Greetings again from the darkness. Is this a nostalgic throwback to the movie musicals of Stanley Donen and Fred Astaire, or is it a contemporary film designed to revitalize the movie musical genre in an era dominated by superheroes and sci-fi? However you might choose to label writer/director Damien Chazelle’s follow-up to Whiplash (2014), it’s clearly one of the best and most entertaining movies of the year.
While the opening credits are still rolling (“Presented in CinemaScope” being the first gag), the film kicks off with its only large scale (think Busby Berkeley on a L.A. freeway rather than in a swimming pool) musical production, “Another Day of Sun”. It’s also the first of 3 less-than-warm-and-fuzzy “meetings” between the two lead characters before they finally click.
Emma Stone and Ryan Gosling light up the screen with the same incredible chemistry they displayed in Crazy, Stupid, Love (2011). Mia (Ms. Stone) is a struggling actress-wannabe working behind the counter at the Warner Brothers studio coffee shop. Sebastian (Mr. Gosling) is a pianist committed to the traditions of jazz music … even as he toils in a club playing mainstream tunes for folks who aren’t even listening.
As their relationship develops, we are treated to a tap dance number in the Mulholland Drive moonlight. Soon, Sebastian (either a brooding Gene Kelly or a dancing James Dean) is forced to make a choice between finding a way to open his own jazz club or compromising his integrity by making lots of money joining a “hot” band (led by John Legend), while Mia is focusing on auditions and her writing (which leads to a disastrous one-woman show).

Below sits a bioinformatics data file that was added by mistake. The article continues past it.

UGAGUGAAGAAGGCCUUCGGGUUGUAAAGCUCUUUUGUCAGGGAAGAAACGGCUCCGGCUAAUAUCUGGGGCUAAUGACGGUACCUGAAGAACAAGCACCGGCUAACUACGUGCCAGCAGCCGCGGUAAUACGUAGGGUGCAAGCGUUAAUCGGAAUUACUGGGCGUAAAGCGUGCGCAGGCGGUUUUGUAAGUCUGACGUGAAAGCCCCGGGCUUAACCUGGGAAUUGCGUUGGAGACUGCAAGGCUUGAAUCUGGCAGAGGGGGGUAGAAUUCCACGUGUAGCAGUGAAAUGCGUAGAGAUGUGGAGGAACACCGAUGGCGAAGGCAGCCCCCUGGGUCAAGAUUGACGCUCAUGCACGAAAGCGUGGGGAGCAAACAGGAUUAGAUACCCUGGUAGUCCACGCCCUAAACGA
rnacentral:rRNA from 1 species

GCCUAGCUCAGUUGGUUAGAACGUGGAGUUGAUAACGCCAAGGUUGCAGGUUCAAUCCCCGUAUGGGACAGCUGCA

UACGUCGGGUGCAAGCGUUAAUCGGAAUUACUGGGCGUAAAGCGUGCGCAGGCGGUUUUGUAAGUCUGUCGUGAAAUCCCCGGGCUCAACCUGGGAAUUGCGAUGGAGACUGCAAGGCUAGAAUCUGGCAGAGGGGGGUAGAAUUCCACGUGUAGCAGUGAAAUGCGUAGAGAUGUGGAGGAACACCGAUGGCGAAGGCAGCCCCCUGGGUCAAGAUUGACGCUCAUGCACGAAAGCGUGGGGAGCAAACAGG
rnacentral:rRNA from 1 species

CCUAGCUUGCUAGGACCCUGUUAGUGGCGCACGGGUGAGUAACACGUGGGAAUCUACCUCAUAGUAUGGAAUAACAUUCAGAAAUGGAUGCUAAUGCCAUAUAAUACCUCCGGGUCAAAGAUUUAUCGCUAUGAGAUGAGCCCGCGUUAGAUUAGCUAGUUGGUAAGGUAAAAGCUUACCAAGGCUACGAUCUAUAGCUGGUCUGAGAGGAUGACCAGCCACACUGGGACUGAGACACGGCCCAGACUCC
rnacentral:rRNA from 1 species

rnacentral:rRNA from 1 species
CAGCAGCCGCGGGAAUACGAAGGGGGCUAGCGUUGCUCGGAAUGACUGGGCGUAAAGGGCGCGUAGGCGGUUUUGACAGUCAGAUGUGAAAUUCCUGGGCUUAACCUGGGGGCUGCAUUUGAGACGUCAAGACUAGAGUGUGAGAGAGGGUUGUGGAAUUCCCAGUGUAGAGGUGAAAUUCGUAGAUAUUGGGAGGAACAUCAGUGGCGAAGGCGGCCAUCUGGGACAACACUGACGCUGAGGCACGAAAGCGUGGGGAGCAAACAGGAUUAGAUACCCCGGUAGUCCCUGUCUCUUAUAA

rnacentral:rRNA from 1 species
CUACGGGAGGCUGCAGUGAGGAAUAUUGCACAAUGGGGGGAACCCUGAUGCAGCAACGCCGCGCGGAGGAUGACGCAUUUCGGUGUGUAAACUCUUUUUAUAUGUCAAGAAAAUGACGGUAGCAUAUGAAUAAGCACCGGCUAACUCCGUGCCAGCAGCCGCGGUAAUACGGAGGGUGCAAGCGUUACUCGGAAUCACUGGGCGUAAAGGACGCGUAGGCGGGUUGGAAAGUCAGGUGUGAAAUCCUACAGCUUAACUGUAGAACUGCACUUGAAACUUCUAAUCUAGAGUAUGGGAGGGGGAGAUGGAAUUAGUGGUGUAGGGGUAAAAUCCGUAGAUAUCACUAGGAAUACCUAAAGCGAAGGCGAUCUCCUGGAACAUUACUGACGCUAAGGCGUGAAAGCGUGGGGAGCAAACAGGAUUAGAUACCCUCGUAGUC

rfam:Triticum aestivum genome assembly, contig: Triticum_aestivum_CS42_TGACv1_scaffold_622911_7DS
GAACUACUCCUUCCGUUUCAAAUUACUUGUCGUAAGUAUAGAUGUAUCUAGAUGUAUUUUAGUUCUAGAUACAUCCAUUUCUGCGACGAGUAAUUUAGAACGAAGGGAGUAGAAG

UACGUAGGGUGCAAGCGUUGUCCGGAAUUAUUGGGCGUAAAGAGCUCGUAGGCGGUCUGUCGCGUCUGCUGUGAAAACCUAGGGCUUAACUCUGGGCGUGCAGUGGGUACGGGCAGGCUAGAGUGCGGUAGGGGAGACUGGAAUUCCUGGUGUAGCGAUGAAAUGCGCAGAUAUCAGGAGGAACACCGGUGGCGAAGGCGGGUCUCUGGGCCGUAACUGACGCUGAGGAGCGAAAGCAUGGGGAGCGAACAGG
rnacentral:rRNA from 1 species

Director Chazelle and cinematographer Linus Sandgren create a look in line with Singin’ in the Rain, but a tone more suited to A Star is Born. There is no shortage of romance and music, but it’s equally balanced with melancholy, foolish dreams, and shattered hopes. While it’s an homage to old Hollywood, Los Angeles and movie musicals, it seems to gracefully swing between past and present – and reality and fantasy.
Mia has a bedroom wall mural of Ingrid Bergman, while Sebastian treasures his piano stool that once belonged to Hoagy Carmichael … two more examples of past and present intertwined. Ms. Stone and Mr. Gosling possess solid (not exceptional) singing voices, which aids in having the songs tell their story. Ms. Stone is quite a talent, and especially stands out in her audition scenes … we feel her pouring her heart out to casting agents who may or may not even be paying attention. It’s remarkable work from her.
Supporting work is provided by Rosemarie DeWitt (as Sebastian’s sister), JK Simmons (as a club owner and Sebastian’s boss), Finn Wittrock (as Mia’s boyfriend) and Damon Gupton. Also in supporting roles would be the Griffith Observatory (after a Rebel Without a Cause viewing), the Los Angeles scene, and the Warner Brothers lot.
The “What Could Have Been” ending sequence is top notch filmmaking in all aspects, and perfectly caps a movie that drips with nostalgia … while also being touching, funny, and downright fun. Watching this film is much like going through the ups and downs of a relationship, and rather than a fairy tale, it’s a painful jab at “the one who got away”. It deserves to be seen on the big screen – enjoy the full palette of colors and the full spectrum of emotions (love and heartbreak, frustration, anger, and utter joy). This is one to tell your friends about … don’t wait for them to tell you.
watch the trailer: